Banks get creative with new ways to reach SMEs

It is no longer about offering corporate cards with the best perks

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BANKS are becoming more creative in the ways they woo small and medium enterprises (SMEs), whether in the form of partnerships with associations, enticing grants or accolades.

Reaching out to SMEs is no longer just about dangling corporate cards with the biggest perks, it would seem.

American Express (Amex), for instance, says that as the bank with the largest number of direct relationships with merchants in the market puts it in the unique position to be able to provide and analyse data on the market and industry level.

"American Express is the largest merchant acquirer globally and we have access to the global spend behaviour of clusters of card members . . . Only American Express has the ability to populate that data and use it in a way that merchants get greater benefit," says Kevin Alcott, Amex's vice-persident and general manager, merchant services in Singapore and Thailand.

This is but one of the services the bank offers, though on a consultancy basis.

It has also negotiated partnerships with various companies to provide services to its base of companies. These include Top3 Media, which builds websites and assists in online marketing like social media marketing and search engine marketing; Capillary Technologies, a CRM system that sells intelligent customer engagement solutions; and Perx, a mobile application which works with merchants to give instant mobile rewards to customers.

In August, Amex also launched a five-month Merchant Sweepstake Programme which offers the opportunity to win a S$5,000 grant and complimentary one-year affiliate membership to the Association of Small and Medium Enterprises (Asme) to two SMEs per month.

"Programmes that say spend and get 15 per cent off, spend and get a free dessert, often times those programmes are funded by the merchants. We're asking these small merchants, who are struggling with their revenues, to please partner with American Express and, by the way, please give 15 per cent off to our customers who walk through the door. We're actually asking them to give margin away," says Mr Alcott

"By teaching them about loyalty and giving them the tools, they have a better chance of helping them grow their business in a sustainable way. Offers in this market will not disappear and we will continue to operate in that space, but we're trying to shift our focus more to bring value to the merchants instead of just asking them to give discounts at the point of sale. What we're trying to do is provide tools that change consumer behaviour and change merchant behaviour."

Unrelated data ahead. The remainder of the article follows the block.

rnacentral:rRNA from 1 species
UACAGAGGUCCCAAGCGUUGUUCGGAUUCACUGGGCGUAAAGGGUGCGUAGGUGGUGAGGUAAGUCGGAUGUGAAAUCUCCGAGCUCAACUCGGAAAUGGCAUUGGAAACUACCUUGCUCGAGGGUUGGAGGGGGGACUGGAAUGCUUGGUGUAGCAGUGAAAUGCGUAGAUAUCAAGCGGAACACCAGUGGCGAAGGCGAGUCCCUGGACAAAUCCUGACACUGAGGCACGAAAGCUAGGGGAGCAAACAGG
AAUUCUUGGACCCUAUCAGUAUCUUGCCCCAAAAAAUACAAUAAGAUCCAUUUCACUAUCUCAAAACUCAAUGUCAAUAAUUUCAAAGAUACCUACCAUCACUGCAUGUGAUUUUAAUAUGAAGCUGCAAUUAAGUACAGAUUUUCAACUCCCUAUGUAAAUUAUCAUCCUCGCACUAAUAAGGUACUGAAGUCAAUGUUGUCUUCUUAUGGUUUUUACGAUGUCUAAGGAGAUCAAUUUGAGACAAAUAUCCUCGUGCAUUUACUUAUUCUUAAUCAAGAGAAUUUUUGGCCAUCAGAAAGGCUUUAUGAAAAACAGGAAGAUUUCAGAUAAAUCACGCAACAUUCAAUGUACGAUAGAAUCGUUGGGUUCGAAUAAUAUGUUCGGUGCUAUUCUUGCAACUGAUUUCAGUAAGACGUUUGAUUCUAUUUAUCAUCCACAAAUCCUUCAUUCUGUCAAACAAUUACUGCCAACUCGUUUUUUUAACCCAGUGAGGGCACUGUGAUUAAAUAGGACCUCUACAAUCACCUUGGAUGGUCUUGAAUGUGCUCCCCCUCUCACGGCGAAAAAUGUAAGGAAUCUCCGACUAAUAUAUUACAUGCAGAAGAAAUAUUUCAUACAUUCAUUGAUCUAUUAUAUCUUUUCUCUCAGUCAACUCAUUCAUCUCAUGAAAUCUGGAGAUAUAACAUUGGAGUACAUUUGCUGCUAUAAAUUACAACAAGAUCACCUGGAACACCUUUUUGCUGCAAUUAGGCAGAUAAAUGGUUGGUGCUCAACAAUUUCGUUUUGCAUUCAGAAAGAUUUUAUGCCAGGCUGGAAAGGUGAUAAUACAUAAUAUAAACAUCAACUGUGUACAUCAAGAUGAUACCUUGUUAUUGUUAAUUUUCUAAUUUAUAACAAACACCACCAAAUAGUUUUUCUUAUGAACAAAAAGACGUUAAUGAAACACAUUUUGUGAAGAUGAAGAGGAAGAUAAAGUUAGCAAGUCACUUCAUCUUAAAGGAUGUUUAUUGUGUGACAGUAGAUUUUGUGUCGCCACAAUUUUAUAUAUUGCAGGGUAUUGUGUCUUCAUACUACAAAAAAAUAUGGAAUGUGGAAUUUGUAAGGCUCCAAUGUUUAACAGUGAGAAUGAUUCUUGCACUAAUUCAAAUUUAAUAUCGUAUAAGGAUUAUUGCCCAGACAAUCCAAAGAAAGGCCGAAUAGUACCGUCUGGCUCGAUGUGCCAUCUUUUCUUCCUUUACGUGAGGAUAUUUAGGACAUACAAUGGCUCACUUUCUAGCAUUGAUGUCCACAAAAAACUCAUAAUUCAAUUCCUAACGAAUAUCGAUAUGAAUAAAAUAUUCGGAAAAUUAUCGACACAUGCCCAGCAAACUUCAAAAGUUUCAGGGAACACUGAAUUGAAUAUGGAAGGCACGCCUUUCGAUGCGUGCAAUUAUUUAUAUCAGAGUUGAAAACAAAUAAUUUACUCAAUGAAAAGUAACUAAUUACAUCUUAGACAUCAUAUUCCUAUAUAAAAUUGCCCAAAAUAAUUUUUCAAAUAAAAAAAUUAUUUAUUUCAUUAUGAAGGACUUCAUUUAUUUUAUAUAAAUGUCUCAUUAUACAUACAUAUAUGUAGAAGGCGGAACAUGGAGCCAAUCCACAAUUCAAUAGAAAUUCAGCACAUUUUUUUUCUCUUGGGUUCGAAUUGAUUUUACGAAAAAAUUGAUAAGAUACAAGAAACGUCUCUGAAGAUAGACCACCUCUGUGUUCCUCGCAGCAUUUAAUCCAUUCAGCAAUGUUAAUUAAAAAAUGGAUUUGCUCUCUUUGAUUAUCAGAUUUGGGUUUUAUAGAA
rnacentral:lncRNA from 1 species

It's not just via innovative programmes that banks are reaching out to SMEs. It is also about being easily accessible and having a comprehensive range of products.

Hong Leong Finance has, for instance, set up a large network of SME Centre @ Hong Leong Finance islandwide. It also has a suite of tailored programmes, ranging from productivity-enhancing loans, medical asset financing and factoring and accounts receivable financing.

Maybank, on the other hand, started a new retail-SME segment to better serve smaller enterprises. In addition to partnering Asme for the Singapore Prestige Brand Award, the bank participates at various networking events and SME clinics alongside the industry associations.

Extending beyond brick and mortar, DBS has entered the online space to attract SME customers. Launched in October, the DBS BusinessClass, a new programme delivered through a mobile app, allows entrepreneurs to consult and connect with industry experts, investors and fellow entrepreneurs. Members can also access news and articles on topics pertinent to starting and running their businesses and attend exclusive networking events. The programme and mobile app will be rolled out regionally so that entrepreneurs can meet other SME owners from DBS' other key markets of China, India , Indonesia, Hong Kong and Taiwan.

In the same vein, there is the UOB-SMU Asian Enterprise Institute which aims to offer local enterprises additional skills and expertise to grow domestically and regionally. It has launched an online resource centre for SMEs to exchange ideas.

SMES can also participate in the SME Development Series Talks and Workshops and annual symposiums organised by the institute.

Then there is OCBC Bank. It is the only bank in Singapore to offer customers a comprehensive suite of cash management and trade finance notifications via both SMS and email channels. This is delivered via eAlerts@ocbc, a notification service which keeps customers up to date about their cashflow and trade transactions. Customers are able to receive up to 11 types of notifications, of which seven are cash management notifications and five are trade finance notifications.

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